A Study of Short- and Long-Term Effects of Family Characteristics on Victimization Risk

Christopher J. Schreck, Illinois State University
Bonnie Fisher, University of Cincinnati
J. Mitchell Miller, University of South Carolina

This research investigates the influence of family conditions on general victimization risk. Victimization research has typically looked upon the family as a context in which victimization occurs, but has seldom considered the broader significance of the family for determining the risk of victimization. In light of the similarity between the sources of offending and victimization, we believe that the family may be an important determinant of victimization risk in both the short- and long-term, just as it is for criminal behavior. Routine activities theory may help explain how family conditions can influence victimization risk in the short term. Recent developments in victimization theory suggest that family conditions during childhood can have a long-term effect on risk as well. We use the 1976 and 1983 waves of the National Youth Survey to determine whether the family actually plays such an extensive part in victimization risk. If the family does have a long-term effect, then our results have important implications for the development of victimization theory.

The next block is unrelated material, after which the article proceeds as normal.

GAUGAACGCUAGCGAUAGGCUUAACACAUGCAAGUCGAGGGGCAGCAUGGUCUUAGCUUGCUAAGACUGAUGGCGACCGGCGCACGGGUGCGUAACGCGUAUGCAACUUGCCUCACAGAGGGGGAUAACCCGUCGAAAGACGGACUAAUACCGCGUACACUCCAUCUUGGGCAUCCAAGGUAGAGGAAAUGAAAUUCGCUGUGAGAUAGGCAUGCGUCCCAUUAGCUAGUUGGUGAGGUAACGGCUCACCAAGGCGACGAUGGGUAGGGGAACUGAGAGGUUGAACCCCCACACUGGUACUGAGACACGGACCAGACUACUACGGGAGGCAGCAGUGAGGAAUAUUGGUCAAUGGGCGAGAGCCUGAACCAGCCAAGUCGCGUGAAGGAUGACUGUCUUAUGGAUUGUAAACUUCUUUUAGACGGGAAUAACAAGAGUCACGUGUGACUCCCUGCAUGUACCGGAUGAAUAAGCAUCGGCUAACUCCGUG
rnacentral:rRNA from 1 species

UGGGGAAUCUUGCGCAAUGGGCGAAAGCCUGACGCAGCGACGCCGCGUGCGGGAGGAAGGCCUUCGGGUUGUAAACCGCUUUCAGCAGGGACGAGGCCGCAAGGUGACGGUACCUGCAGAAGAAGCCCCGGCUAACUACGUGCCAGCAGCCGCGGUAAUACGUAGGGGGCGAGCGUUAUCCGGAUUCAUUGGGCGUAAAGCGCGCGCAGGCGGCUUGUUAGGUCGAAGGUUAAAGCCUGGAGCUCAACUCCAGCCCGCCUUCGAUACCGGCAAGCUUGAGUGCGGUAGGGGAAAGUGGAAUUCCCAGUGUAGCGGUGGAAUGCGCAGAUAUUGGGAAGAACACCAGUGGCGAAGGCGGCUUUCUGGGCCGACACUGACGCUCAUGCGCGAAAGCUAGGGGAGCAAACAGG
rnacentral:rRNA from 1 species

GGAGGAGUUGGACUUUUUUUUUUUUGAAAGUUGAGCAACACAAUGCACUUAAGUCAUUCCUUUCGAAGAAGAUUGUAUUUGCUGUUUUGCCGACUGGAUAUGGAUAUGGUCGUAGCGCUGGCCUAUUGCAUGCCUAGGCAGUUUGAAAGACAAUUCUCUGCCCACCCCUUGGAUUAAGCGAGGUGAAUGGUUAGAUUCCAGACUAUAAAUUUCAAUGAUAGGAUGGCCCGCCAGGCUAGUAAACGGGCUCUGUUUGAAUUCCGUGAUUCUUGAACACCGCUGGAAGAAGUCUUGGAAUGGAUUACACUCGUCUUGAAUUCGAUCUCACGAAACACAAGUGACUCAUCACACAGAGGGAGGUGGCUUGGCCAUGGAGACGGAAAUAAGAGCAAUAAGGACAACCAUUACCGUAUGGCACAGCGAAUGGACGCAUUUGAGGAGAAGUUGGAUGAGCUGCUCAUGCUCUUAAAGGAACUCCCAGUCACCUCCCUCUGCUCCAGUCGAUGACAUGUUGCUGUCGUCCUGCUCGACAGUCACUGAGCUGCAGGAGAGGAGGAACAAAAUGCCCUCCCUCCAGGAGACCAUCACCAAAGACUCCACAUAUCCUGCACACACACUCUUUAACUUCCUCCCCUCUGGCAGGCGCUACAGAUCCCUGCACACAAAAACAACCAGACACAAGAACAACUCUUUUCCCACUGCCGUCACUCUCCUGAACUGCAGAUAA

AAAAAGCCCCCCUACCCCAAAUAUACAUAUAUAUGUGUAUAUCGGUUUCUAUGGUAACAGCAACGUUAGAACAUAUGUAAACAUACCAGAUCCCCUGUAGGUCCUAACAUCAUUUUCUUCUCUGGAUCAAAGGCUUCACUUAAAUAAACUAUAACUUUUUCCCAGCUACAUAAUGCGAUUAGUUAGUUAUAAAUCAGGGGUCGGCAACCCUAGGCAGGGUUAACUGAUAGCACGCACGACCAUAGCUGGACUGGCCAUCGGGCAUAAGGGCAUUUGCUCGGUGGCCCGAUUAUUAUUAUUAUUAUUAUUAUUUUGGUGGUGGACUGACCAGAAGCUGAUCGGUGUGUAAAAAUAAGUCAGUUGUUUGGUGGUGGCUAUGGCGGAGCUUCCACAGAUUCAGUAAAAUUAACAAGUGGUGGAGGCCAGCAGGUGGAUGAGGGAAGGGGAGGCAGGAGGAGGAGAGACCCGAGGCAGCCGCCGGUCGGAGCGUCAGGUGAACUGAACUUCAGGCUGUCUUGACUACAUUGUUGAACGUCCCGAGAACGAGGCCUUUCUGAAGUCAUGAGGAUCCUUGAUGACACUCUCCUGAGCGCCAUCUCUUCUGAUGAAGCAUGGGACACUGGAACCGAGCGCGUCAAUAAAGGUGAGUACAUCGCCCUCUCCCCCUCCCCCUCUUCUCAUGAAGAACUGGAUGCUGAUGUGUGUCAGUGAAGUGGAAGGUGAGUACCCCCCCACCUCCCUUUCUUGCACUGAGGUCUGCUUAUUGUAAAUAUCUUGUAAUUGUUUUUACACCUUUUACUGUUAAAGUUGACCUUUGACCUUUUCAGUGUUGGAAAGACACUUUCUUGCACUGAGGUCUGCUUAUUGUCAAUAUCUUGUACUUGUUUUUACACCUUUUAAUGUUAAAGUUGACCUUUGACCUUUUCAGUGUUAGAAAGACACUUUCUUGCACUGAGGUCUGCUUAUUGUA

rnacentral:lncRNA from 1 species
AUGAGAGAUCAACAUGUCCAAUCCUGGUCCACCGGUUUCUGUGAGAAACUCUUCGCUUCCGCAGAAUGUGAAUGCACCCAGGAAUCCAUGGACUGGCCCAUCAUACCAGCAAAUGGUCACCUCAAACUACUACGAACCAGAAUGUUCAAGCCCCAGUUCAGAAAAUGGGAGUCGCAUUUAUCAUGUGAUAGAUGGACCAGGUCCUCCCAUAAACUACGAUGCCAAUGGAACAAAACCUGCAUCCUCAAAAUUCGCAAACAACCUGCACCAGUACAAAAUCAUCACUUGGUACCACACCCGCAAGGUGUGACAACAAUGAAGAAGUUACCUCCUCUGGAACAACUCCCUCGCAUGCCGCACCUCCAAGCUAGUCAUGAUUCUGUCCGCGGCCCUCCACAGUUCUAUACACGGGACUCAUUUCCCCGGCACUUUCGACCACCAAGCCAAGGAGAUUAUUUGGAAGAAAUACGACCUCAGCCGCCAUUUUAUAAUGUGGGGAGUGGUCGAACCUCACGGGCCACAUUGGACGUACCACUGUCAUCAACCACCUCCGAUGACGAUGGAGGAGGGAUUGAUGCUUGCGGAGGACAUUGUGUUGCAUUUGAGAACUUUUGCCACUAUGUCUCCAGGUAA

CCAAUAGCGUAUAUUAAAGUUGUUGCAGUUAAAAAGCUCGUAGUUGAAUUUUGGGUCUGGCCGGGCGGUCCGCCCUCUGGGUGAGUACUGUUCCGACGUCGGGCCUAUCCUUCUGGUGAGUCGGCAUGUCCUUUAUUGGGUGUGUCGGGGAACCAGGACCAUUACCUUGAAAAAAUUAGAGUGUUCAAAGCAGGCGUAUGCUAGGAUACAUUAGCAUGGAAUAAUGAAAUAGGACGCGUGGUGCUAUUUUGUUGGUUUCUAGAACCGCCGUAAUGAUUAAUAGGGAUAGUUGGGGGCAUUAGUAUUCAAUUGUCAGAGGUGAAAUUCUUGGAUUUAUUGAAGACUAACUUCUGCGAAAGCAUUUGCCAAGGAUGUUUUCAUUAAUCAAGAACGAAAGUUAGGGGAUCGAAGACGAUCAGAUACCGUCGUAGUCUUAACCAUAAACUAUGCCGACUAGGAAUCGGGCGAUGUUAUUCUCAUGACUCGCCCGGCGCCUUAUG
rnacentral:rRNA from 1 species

(Return to Program Resources)

Updated 05/20/2006